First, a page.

Going out on a vine L’Acadie Vineyards – certified organic and certified vegan winery
L’Acadie Vineyards is a certified organic and certified vegan winery in Nova Scotia, an emerging wine region on Canada’s east coast. Founder Bruce Ewert moved from a highly successful winemaking career in established wines regions in Canada, California and Australia to pioneer their family’s winery in 2004, the ninth winery in the region and the first to release sparkling wine.
“It was a pretty gutsy move to leave an established career to re-locate to Nova Scotia and start producing traditional method sparkling wines,” says Ewert, Owner and Winemaker, L’Acadie Vineyards. “No one had done it yet but we identified that the region had ideal climatic conditions for the style. My wife has 9 generations here and anyone who has been to Nova Scotia understands the lure to move home.”
What may be described as a “gutsy” move has translated into unqualified success. L’Acadie Vineyards’ 2007 Prestige Brut was awarded a silver medal in 2011 at Effervescents du Monde Prestige, an international sparkling wines competition held in France. And again for 2010 Prestige Brut Estate at 2015 Effervescents du Monde. These and other significant international awards encouraged other wineries to produce sparkling wine, evolving the region into a sparkling wine mecca.
“O” is for organic and vegan
Finding the right property took some time but eventually Ewert and his wife discovered ideal rocky soil with very good drainage in Gaspereau Valley, a pocket valley within the well-known Annapolis Valley. The area is known for farming, especially apples, but their thirty acre piece of paradise had no conventional farming for half a decade. They could follow through on their plans to be organic – the first certified organic winery in the region.
“We decided to go organic right from the beginning,” explains Ewert. “For one, it’s a lifestyle factor for us. That’s how we live. Also, I had experience with wines made from organically grown grapes and found the taste to be incredibly intense.”
Ewert suggests that organically grown grapes tend to be more flavourful for a number of reasons, not the least of which is the soil micro-organisms around the vine’s roots.
“Our practices encourage growth of these micro-organisms to help the vines take up flavours of the soil. Terroir is a term to describe a wine’s sense-of-place, a combination of soil, micro-climate and other factors” he explains, adding that the winery’s success can also be attributed to their enhanced terroir flavours of mineral and slight saline from their ancient seabed soil.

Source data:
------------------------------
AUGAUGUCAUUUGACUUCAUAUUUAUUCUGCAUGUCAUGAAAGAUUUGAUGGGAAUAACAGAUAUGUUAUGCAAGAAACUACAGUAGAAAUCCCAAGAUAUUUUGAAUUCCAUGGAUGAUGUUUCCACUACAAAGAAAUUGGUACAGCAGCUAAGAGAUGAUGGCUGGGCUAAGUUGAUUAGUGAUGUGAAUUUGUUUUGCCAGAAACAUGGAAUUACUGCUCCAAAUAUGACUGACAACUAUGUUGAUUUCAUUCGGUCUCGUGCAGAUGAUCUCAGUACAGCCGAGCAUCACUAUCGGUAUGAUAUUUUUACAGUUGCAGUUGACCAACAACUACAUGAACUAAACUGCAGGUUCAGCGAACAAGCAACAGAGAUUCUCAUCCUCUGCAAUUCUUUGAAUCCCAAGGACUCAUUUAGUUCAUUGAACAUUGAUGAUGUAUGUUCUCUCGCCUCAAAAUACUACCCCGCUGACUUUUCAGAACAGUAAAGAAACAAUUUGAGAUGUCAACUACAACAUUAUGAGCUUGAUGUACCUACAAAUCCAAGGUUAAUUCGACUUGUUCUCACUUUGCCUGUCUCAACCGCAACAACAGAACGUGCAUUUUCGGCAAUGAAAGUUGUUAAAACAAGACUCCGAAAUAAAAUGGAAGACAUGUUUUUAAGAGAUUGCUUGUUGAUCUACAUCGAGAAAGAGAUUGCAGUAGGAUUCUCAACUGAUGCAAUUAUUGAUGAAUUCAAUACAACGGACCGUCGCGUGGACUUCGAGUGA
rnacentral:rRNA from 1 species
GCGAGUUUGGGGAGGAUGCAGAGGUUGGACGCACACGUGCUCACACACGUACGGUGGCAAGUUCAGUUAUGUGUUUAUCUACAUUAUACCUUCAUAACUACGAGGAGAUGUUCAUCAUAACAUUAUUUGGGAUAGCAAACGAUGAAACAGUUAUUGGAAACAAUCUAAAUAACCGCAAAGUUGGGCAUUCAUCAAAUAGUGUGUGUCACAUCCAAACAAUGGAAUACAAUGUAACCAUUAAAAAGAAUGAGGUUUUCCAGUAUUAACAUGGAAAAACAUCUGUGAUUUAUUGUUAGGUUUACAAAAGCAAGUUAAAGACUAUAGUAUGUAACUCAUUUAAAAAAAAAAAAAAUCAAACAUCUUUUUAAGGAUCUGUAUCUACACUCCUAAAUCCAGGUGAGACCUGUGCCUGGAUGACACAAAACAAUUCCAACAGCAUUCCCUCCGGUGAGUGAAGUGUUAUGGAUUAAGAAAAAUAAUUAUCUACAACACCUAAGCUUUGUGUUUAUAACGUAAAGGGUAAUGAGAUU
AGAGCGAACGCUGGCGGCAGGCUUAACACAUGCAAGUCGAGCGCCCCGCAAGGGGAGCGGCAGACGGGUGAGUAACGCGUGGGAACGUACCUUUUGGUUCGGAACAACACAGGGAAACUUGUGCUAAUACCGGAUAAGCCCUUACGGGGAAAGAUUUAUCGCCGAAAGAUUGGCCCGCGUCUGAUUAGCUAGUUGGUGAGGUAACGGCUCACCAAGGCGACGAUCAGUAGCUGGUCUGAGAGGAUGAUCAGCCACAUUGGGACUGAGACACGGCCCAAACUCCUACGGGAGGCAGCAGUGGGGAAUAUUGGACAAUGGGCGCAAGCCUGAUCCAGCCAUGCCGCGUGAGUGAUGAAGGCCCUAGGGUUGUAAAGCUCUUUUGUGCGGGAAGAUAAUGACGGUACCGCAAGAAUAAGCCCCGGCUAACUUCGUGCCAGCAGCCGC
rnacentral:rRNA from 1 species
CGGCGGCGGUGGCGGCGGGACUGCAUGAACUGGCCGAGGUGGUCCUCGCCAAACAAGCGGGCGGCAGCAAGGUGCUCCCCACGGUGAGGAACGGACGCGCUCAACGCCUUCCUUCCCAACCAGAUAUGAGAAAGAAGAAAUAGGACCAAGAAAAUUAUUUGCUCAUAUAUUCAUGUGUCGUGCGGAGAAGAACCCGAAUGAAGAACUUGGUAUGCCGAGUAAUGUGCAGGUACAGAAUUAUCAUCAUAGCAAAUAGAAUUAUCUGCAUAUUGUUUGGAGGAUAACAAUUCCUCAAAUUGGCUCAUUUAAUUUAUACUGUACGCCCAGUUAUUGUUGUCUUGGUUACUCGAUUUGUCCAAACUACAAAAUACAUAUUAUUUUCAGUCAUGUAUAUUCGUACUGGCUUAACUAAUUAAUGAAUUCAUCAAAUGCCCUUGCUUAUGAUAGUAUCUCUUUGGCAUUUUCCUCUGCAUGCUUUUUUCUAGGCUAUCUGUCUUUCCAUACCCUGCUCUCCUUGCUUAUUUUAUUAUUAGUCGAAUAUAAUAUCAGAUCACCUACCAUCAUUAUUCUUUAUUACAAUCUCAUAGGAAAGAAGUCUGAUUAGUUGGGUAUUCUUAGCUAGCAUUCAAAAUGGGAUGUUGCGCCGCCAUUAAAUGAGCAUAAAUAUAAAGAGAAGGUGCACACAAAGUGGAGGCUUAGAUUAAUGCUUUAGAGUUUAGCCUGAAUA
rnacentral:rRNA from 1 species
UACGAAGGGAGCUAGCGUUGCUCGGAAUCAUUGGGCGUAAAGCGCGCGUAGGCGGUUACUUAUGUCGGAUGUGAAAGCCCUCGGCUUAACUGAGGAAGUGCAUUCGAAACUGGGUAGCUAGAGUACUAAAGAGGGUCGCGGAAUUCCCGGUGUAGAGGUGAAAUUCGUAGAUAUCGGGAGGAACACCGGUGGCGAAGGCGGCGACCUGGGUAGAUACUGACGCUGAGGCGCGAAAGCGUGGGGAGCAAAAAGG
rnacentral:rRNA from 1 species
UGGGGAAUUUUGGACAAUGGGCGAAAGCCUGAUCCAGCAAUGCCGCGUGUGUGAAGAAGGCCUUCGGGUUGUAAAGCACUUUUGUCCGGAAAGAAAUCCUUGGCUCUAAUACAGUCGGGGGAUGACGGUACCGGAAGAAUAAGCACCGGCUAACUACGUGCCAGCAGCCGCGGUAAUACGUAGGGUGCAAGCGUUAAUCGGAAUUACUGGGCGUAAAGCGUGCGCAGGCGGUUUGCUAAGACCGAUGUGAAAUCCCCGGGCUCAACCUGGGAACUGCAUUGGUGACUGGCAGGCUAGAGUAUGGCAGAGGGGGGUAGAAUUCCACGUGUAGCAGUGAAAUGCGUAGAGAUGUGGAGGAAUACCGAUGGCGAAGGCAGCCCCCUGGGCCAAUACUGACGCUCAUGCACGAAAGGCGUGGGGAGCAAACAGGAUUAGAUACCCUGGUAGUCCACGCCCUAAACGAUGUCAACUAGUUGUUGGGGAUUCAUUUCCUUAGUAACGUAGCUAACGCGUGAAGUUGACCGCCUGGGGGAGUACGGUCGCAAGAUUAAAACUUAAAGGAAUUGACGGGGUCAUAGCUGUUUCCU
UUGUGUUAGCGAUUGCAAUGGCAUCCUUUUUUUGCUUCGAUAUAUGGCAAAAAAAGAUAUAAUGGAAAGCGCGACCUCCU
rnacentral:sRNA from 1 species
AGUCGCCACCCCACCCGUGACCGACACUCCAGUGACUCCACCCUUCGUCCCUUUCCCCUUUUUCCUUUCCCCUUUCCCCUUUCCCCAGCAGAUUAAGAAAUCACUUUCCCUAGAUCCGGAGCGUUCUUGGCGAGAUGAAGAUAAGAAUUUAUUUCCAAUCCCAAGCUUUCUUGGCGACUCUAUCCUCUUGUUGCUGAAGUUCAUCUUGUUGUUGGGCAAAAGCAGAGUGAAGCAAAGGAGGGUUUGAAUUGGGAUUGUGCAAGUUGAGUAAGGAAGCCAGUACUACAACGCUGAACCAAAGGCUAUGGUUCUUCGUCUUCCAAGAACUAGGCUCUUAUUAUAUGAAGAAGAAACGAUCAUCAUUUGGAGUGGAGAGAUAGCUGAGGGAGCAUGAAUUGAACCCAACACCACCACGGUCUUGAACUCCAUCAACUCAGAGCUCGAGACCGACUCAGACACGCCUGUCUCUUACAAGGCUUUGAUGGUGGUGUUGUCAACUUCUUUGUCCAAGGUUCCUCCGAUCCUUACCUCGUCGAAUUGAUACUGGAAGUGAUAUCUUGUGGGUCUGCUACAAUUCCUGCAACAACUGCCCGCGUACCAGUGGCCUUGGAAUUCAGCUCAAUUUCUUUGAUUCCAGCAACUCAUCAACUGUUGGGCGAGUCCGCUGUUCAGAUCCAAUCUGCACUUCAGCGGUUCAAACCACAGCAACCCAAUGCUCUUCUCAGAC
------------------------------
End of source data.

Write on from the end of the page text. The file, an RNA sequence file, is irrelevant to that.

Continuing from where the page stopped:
According to Ewert, being organic isn’t necessarily more complicated; it means you have fewer choices. “The toolkit for organic winemaking is definitely lighter in that you don’t have as many options as conventional,” he explains. “As a result, you have to pro-act on things, such as ensuring you have good air circulation, planting cover crops and appropriate grape varieties, and encourage biodiversity. It means setting things up so you don’t have to rely on chemical pesticides and fertilizers”
In 2020, L’Acadie Vineyards became the first farm and winery in North America to become certified Biocyclic Vegan.
“Vegan wine certification is a significant addition to our environmental stewardship, scaffolding the benefits of our certified organic status to new heights. Coupled with health benefits and animal welfare, you can see why it is so popular in Europe”
“We had been looking for a certification for our vegan wines and were so happy when we found Biocyclic Vegan International based out of Germany and Greece. We discovered that they certify the whole operation including the vineyard as well, and ours scored very high because of organic practices, biodiversity and not using animal inputs since 2017.”
A sparkling future
Ewert hopes for more organic and vegan agriculture in the world – “it is better for people, animals and the planet.” He recommends that the motivation should come from the heart, since it is more work and riskier. “The long-term benefit is a strengthening of our vineyard’s climate change resilience. In Nova Scotia we are starting to experience more variable weather such as drought, hurricanes and warmer summers and winters. Cover crops to protect the soil and healthy vines in an ecosystem of diversity makes us stronger.”
He adds that wine styles that suit a region’s climate are always the best approach, like sparkling wine from Nova Scotia. “You can’t make world-class sparkling in hot climates – it is our niche. The best wines of the world come from regions that have learned and adapted to their unique terroir, matching their practices and wines to what Mother Nature gives them”
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